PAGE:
This week's blog post is written by Will, a Yahel fellow living in Lod.
Like many diaspora Jews, I grew up with a deep connection to Israel, caring for the country even though I did not set foot on its soil until I was 19 years old. While I am grateful for my Zionist education my, I am disappointed at the lack of available spaces that honestly deal with the history and current reality of the state of Israel. Too many Jewish and Zionist spaces within the diaspora offer only a shallow, connection to Israel that is void of any criticism or mention of the tough issues facing Israel. As a result, many Israeli voices are left out of the conversation between Israeli citizens and supporters of Israel abroad. I find myself, like many young Jewish adults of the diaspora are, looking for spaces and initiatives that allow me to wrestle with the reality, the accomplishments and shortcomings of the Jewish state. Simplistic experiences that fail to include voices from across the spectrum leave me with a sense of incompleteness. My experience on Yahel, however, has no shortcomings when it comes to the exposure of voices and opinions on the problems and solutions that Israel historically faced and is currently confronting. The diversity in perspectives we encounter is the fellowship’s greatest strength. From our seminars, our placements and learning activities, here are some of the examples of the ranges of voices I have heard since coming here six months ago.
Our seminar in the North focused on various social change initiatives. During this seminar we met with Zakaria Mahameed from the Center for Shared Society, Rabbi Dov Holtz, from the local Garin Torani Chapter, as well as James Grant-Rosenhead from Kibbutz Mishol. Zakaria Mahameed is an Arab citizen of Israel whose work focuses on building a shared society and creating dialogue between Jews and Arabs. He spoke to us about the difficulties he encounters in his work along with the achievements that have been made. Rabbi Dov Holtz hails from the Garin Torani, a movement of Religious Zionists who come to impoverished areas around Israel and establish communities with a focus on volunteering in order to strengthen the cities they come to. Rabbi Holtz spoke of his efforts to promote social change as an educator as well as many of the views that are held by many members of his community, such as the belief in a Greater Israel and support for the nation-state law. On the other hand, James Grant-Rosenhead spoke to us about Kibbutz Mishol -an urban socialist kibbutz that has reinvented itself to adapt to the 21st-century economy. While James and Dov are on opposite sides of the political spectrum, they manage to find ways to collaborate on projects that they both find can improve the society they live in.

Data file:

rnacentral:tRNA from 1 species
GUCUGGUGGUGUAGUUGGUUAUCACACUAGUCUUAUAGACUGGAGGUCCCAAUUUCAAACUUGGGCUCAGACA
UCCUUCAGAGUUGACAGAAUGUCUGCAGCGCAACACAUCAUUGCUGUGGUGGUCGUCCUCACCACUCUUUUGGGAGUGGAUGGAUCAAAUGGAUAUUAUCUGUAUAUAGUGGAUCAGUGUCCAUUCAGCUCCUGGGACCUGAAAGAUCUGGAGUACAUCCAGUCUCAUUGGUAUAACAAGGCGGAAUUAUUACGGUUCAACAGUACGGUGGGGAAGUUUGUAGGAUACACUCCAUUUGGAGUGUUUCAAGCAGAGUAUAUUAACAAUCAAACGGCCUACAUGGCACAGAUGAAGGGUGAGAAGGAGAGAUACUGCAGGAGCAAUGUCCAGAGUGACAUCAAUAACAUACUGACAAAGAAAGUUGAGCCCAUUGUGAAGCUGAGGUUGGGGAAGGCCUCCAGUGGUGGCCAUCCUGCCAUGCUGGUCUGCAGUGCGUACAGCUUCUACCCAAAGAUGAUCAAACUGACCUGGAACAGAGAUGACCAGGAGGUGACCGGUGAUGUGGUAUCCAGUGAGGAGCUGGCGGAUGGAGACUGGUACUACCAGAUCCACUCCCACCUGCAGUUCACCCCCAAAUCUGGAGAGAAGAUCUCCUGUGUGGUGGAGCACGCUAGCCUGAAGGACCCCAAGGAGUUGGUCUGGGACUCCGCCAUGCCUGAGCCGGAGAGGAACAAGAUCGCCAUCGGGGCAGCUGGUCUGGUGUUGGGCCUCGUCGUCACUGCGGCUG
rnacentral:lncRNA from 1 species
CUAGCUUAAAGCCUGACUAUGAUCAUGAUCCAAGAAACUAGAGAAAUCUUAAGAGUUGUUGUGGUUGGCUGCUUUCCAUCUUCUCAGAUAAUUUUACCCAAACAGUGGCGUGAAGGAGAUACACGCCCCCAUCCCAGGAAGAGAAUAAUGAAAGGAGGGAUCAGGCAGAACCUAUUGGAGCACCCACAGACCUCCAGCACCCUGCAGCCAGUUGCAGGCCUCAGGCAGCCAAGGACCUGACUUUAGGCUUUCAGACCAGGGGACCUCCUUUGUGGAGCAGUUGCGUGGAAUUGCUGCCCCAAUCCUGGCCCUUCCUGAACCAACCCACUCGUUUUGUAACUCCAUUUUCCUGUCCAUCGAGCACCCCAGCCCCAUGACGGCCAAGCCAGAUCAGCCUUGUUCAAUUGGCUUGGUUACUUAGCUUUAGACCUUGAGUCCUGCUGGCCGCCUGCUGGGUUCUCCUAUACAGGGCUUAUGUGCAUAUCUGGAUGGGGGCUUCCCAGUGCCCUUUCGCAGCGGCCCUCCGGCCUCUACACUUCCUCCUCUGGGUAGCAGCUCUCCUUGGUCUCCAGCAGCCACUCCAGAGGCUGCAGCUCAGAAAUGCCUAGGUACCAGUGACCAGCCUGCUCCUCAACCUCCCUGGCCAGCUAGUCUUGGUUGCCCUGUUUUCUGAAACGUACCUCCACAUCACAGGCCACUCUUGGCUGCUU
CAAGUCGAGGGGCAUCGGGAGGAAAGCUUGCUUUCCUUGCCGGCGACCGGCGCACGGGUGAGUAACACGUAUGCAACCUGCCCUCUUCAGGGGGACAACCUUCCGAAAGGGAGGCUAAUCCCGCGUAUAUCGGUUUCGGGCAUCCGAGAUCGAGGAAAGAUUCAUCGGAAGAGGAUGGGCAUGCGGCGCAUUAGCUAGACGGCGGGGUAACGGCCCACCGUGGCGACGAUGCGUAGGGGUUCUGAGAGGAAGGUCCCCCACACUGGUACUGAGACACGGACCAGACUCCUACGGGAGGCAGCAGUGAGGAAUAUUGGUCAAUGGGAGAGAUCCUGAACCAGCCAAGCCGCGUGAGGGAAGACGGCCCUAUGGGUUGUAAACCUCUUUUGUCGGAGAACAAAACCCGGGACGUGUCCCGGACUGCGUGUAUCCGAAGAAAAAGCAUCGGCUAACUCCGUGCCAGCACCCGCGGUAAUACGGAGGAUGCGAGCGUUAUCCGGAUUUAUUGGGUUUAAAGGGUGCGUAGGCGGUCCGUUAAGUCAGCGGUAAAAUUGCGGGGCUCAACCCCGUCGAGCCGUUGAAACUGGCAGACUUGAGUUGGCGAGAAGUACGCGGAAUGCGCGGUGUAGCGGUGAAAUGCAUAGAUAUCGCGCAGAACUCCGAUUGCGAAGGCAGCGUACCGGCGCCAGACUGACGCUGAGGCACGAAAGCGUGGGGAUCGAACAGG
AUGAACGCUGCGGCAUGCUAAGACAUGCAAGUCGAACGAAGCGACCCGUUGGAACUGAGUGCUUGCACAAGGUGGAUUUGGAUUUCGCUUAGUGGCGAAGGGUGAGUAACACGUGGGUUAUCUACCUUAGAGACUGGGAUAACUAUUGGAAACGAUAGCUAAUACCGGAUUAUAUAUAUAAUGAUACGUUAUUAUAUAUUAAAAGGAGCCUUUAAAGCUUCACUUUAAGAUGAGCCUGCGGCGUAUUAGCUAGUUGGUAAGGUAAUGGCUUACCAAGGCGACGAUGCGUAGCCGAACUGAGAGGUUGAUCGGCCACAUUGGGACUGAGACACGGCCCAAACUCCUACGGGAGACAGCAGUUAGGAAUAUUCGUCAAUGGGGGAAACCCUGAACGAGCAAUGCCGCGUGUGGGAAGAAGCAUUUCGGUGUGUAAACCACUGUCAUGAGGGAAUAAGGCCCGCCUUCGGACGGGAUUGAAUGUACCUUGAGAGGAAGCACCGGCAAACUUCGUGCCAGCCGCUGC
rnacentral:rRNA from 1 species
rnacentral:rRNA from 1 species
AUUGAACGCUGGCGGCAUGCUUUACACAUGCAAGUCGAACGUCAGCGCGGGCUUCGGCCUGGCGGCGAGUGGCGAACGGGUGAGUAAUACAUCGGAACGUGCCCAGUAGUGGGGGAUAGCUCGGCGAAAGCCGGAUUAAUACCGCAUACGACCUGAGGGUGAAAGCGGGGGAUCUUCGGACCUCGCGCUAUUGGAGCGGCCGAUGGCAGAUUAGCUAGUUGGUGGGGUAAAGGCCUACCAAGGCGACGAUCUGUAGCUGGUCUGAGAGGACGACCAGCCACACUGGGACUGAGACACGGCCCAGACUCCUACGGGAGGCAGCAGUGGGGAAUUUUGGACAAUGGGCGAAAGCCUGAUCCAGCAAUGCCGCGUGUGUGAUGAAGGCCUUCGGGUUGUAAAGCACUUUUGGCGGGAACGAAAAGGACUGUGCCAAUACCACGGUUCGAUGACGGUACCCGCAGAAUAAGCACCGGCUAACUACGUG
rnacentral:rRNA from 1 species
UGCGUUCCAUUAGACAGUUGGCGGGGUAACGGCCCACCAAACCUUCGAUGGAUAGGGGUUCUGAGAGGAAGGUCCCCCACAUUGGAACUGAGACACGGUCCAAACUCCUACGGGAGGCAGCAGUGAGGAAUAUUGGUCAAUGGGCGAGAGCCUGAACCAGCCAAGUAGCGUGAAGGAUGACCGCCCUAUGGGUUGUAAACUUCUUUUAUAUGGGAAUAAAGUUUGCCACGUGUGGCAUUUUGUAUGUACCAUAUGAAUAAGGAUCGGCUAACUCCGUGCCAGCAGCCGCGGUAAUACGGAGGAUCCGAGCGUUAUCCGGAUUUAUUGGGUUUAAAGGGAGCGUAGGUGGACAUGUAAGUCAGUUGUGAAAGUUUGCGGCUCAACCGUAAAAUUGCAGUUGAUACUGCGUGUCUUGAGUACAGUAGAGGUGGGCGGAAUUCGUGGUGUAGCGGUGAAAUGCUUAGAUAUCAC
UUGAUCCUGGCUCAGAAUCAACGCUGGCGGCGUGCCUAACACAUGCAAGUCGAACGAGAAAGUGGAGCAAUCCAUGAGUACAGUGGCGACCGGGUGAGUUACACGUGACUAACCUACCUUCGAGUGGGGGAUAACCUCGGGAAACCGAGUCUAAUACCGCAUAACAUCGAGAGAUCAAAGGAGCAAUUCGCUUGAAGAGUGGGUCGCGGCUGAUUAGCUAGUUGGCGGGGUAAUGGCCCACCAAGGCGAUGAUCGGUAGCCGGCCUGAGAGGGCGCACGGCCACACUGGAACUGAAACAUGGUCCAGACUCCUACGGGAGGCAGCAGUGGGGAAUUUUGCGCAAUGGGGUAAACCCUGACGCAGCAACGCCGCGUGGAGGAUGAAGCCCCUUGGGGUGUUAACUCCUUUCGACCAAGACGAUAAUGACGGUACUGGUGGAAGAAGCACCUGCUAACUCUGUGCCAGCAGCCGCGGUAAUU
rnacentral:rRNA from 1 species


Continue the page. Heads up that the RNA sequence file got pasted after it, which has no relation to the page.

On our seminar in the Negev, we had the occasion to visit development towns and Bedouin villages. The history of the Negev is a harsh one: 90% of the local Bedouin population was expelled during the 1948 war and the State of Israel created “development towns” to house Jewish immigrants from North Africa, India and Romania- often in horrible conditions. These development towns, along with the Bedouin villages, are still part of the social and economic periphery in Israel. While some conditions may be improving, poverty and social deprivation remains high. On this seminar, we got to visit the development town of Yerucham and hear the story of an immigrant who arrived from Morocco in the early 1950s, back when there was no electricity and severe food insecurity. The next day, we paid a visit to the recognized Bedouin village of Segev Shalom and the unrecognized village of Al Zarnog. In Segev Shalom, we met local residents who are engaged in social change initiatives within their community while in Al Zarnog, we had the pleasure of meeting activists working to get Bedouin villages recognized.
While I have decided to focus on the speakers we interacted with on two of our seminars, I will also note that during our time in Lod, our cohort has had the pleasure of hearing from a variety of voices including the chief of a local police station, the CEO of the local Garin Torani chapter and an activist advocating on behalf of the Eritrean community. Lastly, our involvement in various placements allows us to interact with members from different communities and learn about the various organizations that are active in Lod along with the social change initiatives that are taking place.
My interactions with voices from across the spectrum and with locals from a variety of backgrounds has been an enriching experience. At times, it has been challenging and even frustrating as I hear of visions that are drastically opposed to my values or am met with a discouraging reality. Most of the time, I simply find myself learning about issues that I did not know about and hearing voices I am seldom exposed to. Through each interaction, whether in a formal or informal context, I get a glimpse of the lives of the people of Lod and Israel. I learn about the issues residents are facing and hear suggested solutions. At times, this helps me unpack the multiple layers of complexity linked to the reality of local life. More often than not, though, I find myself adding even more layers that I had not been aware of before. I believe hearing from so many different populations has helped me better understand Israel as well as the steps that are necessary to implement positive change.